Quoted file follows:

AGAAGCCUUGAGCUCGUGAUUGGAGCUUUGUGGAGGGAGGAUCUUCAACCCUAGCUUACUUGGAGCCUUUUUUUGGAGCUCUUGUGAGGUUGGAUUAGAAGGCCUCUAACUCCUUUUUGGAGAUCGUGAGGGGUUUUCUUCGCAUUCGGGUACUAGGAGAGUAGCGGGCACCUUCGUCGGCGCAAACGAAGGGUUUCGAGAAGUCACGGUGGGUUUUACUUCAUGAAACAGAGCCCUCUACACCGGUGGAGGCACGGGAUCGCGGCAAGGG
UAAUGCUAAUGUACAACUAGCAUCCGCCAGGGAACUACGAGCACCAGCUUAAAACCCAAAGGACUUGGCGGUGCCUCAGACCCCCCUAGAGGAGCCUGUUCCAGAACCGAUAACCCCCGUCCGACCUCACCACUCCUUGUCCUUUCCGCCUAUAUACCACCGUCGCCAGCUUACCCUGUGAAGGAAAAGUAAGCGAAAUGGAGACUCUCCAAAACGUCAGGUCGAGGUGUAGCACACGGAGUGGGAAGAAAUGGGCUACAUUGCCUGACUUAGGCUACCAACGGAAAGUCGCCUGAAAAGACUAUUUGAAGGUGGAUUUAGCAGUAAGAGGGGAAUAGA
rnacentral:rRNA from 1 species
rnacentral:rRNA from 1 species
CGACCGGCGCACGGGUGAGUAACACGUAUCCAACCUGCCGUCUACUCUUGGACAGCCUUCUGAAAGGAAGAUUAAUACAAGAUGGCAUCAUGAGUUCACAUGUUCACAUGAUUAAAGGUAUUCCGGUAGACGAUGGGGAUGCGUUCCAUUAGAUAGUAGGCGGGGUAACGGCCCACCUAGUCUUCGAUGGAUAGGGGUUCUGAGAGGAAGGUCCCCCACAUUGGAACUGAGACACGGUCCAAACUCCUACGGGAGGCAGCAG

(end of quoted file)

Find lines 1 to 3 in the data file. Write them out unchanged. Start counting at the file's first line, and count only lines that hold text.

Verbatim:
AGAAGCCUUGAGCUCGUGAUUGGAGCUUUGUGGAGGGAGGAUCUUCAACCCUAGCUUACUUGGAGCCUUUUUUUGGAGCUCUUGUGAGGUUGGAUUAGAAGGCCUCUAACUCCUUUUUGGAGAUCGUGAGGGGUUUUCUUCGCAUUCGGGUACUAGGAGAGUAGCGGGCACCUUCGUCGGCGCAAACGAAGGGUUUCGAGAAGUCACGGUGGGUUUUACUUCAUGAAACAGAGCCCUCUACACCGGUGGAGGCACGGGAUCGCGGCAAGGG
UAAUGCUAAUGUACAACUAGCAUCCGCCAGGGAACUACGAGCACCAGCUUAAAACCCAAAGGACUUGGCGGUGCCUCAGACCCCCCUAGAGGAGCCUGUUCCAGAACCGAUAACCCCCGUCCGACCUCACCACUCCUUGUCCUUUCCGCCUAUAUACCACCGUCGCCAGCUUACCCUGUGAAGGAAAAGUAAGCGAAAUGGAGACUCUCCAAAACGUCAGGUCGAGGUGUAGCACACGGAGUGGGAAGAAAUGGGCUACAUUGCCUGACUUAGGCUACCAACGGAAAGUCGCCUGAAAAGACUAUUUGAAGGUGGAUUUAGCAGUAAGAGGGGAAUAGA
rnacentral:rRNA from 1 species